JAS and PS contributed equally to this manuscript.
Intermittent Access to 20% Ethanol Induces High Ethanol Consumption in Long–Evans and Wistar Rats
Article first published online: 30 JUL 2008
Copyright © 2008 by the Research Society on Alcoholism
Alcoholism: Clinical and Experimental Research
Volume 32, Issue 10, pages 1816–1823, October 2008
How to Cite
Simms, J. A., Steensland, P., Medina, B., Abernathy, K. E., Chandler, L. J., Wise, R. and Bartlett, S. E. (2008), Intermittent Access to 20% Ethanol Induces High Ethanol Consumption in Long–Evans and Wistar Rats. Alcoholism: Clinical and Experimental Research, 32: 1816–1823. doi: 10.1111/j.1530-0277.2008.00753.x
- Issue published online: 17 SEP 2008
- Article first published online: 30 JUL 2008
- Received for publication April 18, 2008; accepted June 6, 2008.
- Animal Models;
Background: There has been some difficulty getting standard laboratory rats to voluntarily consume large amounts of ethanol without the use of initiation procedures. It has previously been shown that standard laboratory rats will voluntarily consume high levels of ethanol if given intermittent-access to 20% ethanol in a 2-bottle-choice setting [Wise, Psychopharmacologia 29 (1973), 203]. In this study, we have further characterized this drinking model.
Methods: Ethanol-naïve Long–Evans rats were given intermittent-access to 20% ethanol (three 24-hour sessions per week). No sucrose fading was needed and water was always available ad libitum. Ethanol consumption, preference, and long-term drinking behaviors were investigated. Furthermore, to pharmacologically validate the intermittent-access 20% ethanol drinking paradigm, the efficacy of acamprosate and naltrexone in decreasing ethanol consumption were compared with those of groups given continuous-access to 10 or 20% ethanol, respectively. Additionally, ethanol consumption was investigated in Wistar and out-bred alcohol preferring (P) rats following intermittent-access to 20% ethanol.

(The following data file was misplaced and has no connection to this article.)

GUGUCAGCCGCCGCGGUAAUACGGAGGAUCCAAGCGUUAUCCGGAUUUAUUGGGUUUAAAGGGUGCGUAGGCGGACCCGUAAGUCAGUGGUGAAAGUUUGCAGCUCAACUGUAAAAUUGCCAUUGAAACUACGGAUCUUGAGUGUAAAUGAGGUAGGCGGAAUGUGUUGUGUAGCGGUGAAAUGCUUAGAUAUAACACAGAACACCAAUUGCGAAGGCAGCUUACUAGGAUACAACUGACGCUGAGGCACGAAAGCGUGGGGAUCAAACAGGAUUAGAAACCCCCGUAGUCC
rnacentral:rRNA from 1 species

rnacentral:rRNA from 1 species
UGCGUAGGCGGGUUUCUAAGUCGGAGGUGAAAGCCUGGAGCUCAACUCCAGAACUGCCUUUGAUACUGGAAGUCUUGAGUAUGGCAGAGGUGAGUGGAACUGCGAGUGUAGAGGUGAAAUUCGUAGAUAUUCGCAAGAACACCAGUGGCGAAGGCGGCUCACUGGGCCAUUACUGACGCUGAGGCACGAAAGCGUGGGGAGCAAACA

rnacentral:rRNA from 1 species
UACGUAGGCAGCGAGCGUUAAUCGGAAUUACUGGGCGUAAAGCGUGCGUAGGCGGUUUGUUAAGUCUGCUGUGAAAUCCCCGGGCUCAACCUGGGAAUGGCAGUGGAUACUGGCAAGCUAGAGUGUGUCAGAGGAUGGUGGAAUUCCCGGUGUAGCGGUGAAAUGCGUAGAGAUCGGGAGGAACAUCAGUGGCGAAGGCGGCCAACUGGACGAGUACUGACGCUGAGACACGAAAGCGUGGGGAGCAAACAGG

Results: The intermittent-access 20% ethanol 2-bottle-choice drinking paradigm led standard laboratory rats to escalate their ethanol intake over the first 5 to 6 drinking sessions, reaching stable baseline consumption of high amounts of ethanol (Long–Evans: 5.1 ± 0.6; Wistar: 5.8 ± 0.8 g/kg/24 h, respectively). Furthermore, the cycles of excessive drinking and abstinence led to an increase in ethanol preference and increased efficacy of both acamprosate and naltrexone in Long–Evans rats. P-rats initiate drinking at a higher level than both Long–Evans and Wistar rats using the intermittent-access 20% ethanol paradigm and showed a trend toward a further escalation in ethanol intake over time (mean ethanol intake: 6.3 ± 0.8 g/kg/24 h).
Conclusion: Standard laboratory rats will voluntarily consume ethanol using the intermittent-access 20% ethanol drinking paradigm without the use of any initiation procedures. This model promises to be a valuable tool in the alcohol research field.